Industrial premises and wastewater treatment plants create odours as a by-product of operating. This can’t be helped. However, these unpleasant odours can be removed or controlled to reduce their presence in the environment.
Why would you want to do this? There are several reasons why it’s a good idea. Here are the benefits of implementing odour control:
Wastewater treatment, chemical processing, waste incineration and food production are leading causes of industrial odours. If your business produces odours, quality control over your process dictates that odour control is necessary.
It probably won’t surprise you to know that there are reputable companies out there who do not have adequate odour control. These companies will have to get their houses in order eventually with a fit-for-purpose odour control system.
Unpleasant odours generate complaints. This is bad for your reputation and it could be bad for business. If odours are not controlled, you will eventually attract attention from the local council who could serve an abatement notice.
An abatement notice requires whoever’s responsible for the odour to either eliminate it or restrict it. The only way to achieve this is with an odour control system. If complaints are not addressed then you could land yourself in legal trouble.
Keep your neighbours happy
No one wants to live with unpleasant odours and being subjected to them can cause resentment. Whether your neighbours are homeowners or businesses, you have a duty to minimise the impact of your operations on them.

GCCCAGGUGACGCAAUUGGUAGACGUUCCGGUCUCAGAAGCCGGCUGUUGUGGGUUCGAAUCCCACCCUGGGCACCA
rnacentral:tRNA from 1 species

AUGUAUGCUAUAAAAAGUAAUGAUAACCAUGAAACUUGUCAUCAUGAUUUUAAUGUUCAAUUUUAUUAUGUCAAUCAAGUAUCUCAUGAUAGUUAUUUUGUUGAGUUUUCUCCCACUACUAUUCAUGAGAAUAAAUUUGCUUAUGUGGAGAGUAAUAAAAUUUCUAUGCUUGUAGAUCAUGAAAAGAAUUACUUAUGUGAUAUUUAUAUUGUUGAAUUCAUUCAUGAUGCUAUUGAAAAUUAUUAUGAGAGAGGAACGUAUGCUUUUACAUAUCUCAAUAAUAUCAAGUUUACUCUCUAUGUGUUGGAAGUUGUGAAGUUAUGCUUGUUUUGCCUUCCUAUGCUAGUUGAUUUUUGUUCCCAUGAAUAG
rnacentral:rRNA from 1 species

Implementing odour control will keep your neighbours happy by allowing them to enjoy their homes and run their businesses. Ask yourself this: would you want to live or work near a place that produces noxious odours? Probably not.
Provide a good working environment
Your employees keep your operation moving. Providing a good working environment for them is essential for their health and wellbeing. Odour control will be necessary if employees work in places that are susceptible to odours.
It’s also important to point out that employers have a legal duty of care for their employees. Odours may appear to be nothing more than annoyances, however for people with asthma and underlying health problems, they could be hazardous.
Meet your health and safety obligations
Following on from our previous point (that employers have a duty of care for employees), the Control of Substances Hazardous to Health (COSHH) Regulations are designed to ensure that damage to health from hazardous substances is controlled.
VOCs and vapours are prime examples of hazardous compounds that have to be controlled under health and safety legislation. If you produce odours and compounds that are harmful to health, you have a legal responsibility to control them.
Want to find out more?
If you need to implement odour control in your business, OSIL can help with our industry-leading range of odour control systems and finance solutions. To find out more, call us today on (0) 1543 506 855 or email us at firstname.lastname@example.org.